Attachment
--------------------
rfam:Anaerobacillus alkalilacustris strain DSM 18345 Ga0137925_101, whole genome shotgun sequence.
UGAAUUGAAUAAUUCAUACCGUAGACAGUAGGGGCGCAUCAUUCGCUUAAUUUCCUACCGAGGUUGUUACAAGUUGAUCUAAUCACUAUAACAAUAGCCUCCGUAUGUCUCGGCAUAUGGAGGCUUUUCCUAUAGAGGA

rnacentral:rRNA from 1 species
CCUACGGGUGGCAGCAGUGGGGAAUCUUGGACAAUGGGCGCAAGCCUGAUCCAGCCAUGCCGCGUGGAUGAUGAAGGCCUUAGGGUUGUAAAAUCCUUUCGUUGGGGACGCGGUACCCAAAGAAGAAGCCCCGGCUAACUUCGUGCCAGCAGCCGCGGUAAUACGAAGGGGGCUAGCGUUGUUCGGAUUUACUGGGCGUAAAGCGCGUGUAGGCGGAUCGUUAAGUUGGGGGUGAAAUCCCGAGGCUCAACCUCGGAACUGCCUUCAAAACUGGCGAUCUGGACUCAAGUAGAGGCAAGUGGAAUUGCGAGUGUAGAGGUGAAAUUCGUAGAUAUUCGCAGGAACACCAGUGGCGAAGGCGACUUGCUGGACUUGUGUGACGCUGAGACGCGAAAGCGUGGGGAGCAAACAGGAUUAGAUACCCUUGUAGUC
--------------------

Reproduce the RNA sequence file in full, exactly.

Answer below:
rfam:Anaerobacillus alkalilacustris strain DSM 18345 Ga0137925_101, whole genome shotgun sequence.
UGAAUUGAAUAAUUCAUACCGUAGACAGUAGGGGCGCAUCAUUCGCUUAAUUUCCUACCGAGGUUGUUACAAGUUGAUCUAAUCACUAUAACAAUAGCCUCCGUAUGUCUCGGCAUAUGGAGGCUUUUCCUAUAGAGGA

rnacentral:rRNA from 1 species
CCUACGGGUGGCAGCAGUGGGGAAUCUUGGACAAUGGGCGCAAGCCUGAUCCAGCCAUGCCGCGUGGAUGAUGAAGGCCUUAGGGUUGUAAAAUCCUUUCGUUGGGGACGCGGUACCCAAAGAAGAAGCCCCGGCUAACUUCGUGCCAGCAGCCGCGGUAAUACGAAGGGGGCUAGCGUUGUUCGGAUUUACUGGGCGUAAAGCGCGUGUAGGCGGAUCGUUAAGUUGGGGGUGAAAUCCCGAGGCUCAACCUCGGAACUGCCUUCAAAACUGGCGAUCUGGACUCAAGUAGAGGCAAGUGGAAUUGCGAGUGUAGAGGUGAAAUUCGUAGAUAUUCGCAGGAACACCAGUGGCGAAGGCGACUUGCUGGACUUGUGUGACGCUGAGACGCGAAAGCGUGGGGAGCAAACAGGAUUAGAUACCCUUGUAGUC